Until the Fox television network went on the air in 1986, the American Broadcasting Company -- ABC -- was the young kid on the block. It began in 1943 as a direct descendant of RCA's NBC Blue radio network. Originally known as the Blue Network, the network was re-branded in 1944 as the American Broadcasting Company. On April 19, 1948 the ABC television network went on the air, and so it is in that year that I begin my look at the history of the ABC-TV network logos. Dates on some of the early logos are approximate. If any readers have more accurate information please let me know in the comments. To check out my history of the NBC logo, click here. Logo #1 (1948 - ?) Not surprisingly, ABC's first television logo was directly inspired by radio -- the same is true for NBC as well. Ba
In Fall TV Preview Madness, I present a network television schedule preview special from the distant past. We see the good, bad, and ugly for a network's entire upcoming fall slate. I’m counting down the days until the Fall 2012 television season gets underway the only way I know how — by bringing you network promos for TV seasons long gone. Today’s preview is for CBS’s 1966 Fall TV season. Your host for this preview is Garry Moore, a long-time fixture on The Eye. You'll see stars this fall on CBS! (* denotes new series.) Sunday 7pm -- Lassie (1954 - 1971) 7:30pm* -- It's About Time (Starring Frank Aletta, Jack Mullaney, and Imogene Coca; ended after 26 episodes.) 8pm -- The Ed Sullivan Show (1948 - 1971) 9pm* -- The Garry Moore Show (Ended after 19 episodes.) 10pm
In Fall TV Preview Madness, I present a network television schedule preview special from the distant past. We see the good, bad, and ugly for a network's entire upcoming fall slate. I’m counting down the days until the Fall 2012 television season gets underway the only way I know how — by bringing you network promos for TV seasons long gone. Today’s preview is for ABC’s 1985 Fall TV season. ABC only returned 11 scripted series in 1985-86, compared to 15 for CBS and 18 for NBC. They also had the most shows from the previous season not returning, with 16. By season's end, ABC had two just shows in the ratings Top 10 (Dynasty and Who's the Boss?), and six in the Top 30. Here's the 1985 ABC Fall preview (in two parts), complete with an appropriation of Randy Newman's "I Love L.A."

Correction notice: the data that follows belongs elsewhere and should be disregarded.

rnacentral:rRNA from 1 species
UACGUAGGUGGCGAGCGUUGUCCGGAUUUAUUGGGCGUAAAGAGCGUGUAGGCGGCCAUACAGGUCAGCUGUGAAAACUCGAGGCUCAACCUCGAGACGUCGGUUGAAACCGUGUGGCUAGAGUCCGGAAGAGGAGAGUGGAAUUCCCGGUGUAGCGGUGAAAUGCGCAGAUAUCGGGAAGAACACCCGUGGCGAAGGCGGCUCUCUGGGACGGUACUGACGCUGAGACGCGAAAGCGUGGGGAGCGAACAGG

In Fall TV Preview Madness, I present a network television schedule preview special from the distant past. We see the good, bad, and ugly for a network's entire upcoming fall slate. Today's preview is for NBC's 1975 Fall TV season, dubbed the Superseason. The network debuted nine new series, hoping to build on the successes of young hits like Little House on the Prairie, Chico and the Man, and Sanford and Son. Their boldest play came on Thursday, where the entire prime time lineup was filled with freshman shows. Here's a quick promo from '75. Unfortunately, success proved elusive for these new programs, none of which lasted past the 1975-76 season. Thursday in particular was rough, as NBC was up against ratings powerhouses like The Waltons and The Streets of San Francisco. Th...
You know what's even more awesome than the fact that Winston cigarettes sponsored a cartoon? The fact that the main characters, as was the custom for TV shows of the '50s and early '60s, appeared in ads actually smoking them. Behold, an infamous Winston spot from The Flintstones, circa 1960-61: See, I told you it was awesome. Even better, and almost lost in the clouds of secondhand smoke, is that little gem of pre-Women's Lib chauvinism that starts the ad. As Wilma and Betty toil in the yard, Fred has a brilliant idea - "Let's go around back where we can't see 'em!" He's like Don Draper in an animal pelt. Winston, who also sponsored The Beverly Hillbillies around the same time, pulled its sponsorship from The Flintstones when Wilma became pregnant. I guess even tobacco comp
I have no experience in the television industry, but I have to think that keeping hardcore pornography off the Disney Channel can't be all that hard (no pun intended). Maybe it's just a matter of putting a piece of duct tape over the ACTIVATE PORN button on the big control board for the station feed. Seriously though, kids these days are so damn spoiled. Back in my day, I got tendinitis in my neck by craning it every which way to see through the scrambled Cinemax cable signal. Now all you have to do is sit through a crappy episode of Handy Manny and they just throw the porn at you. Kind of takes the fun out of it if you ask me. Alright, maybe it doesn't.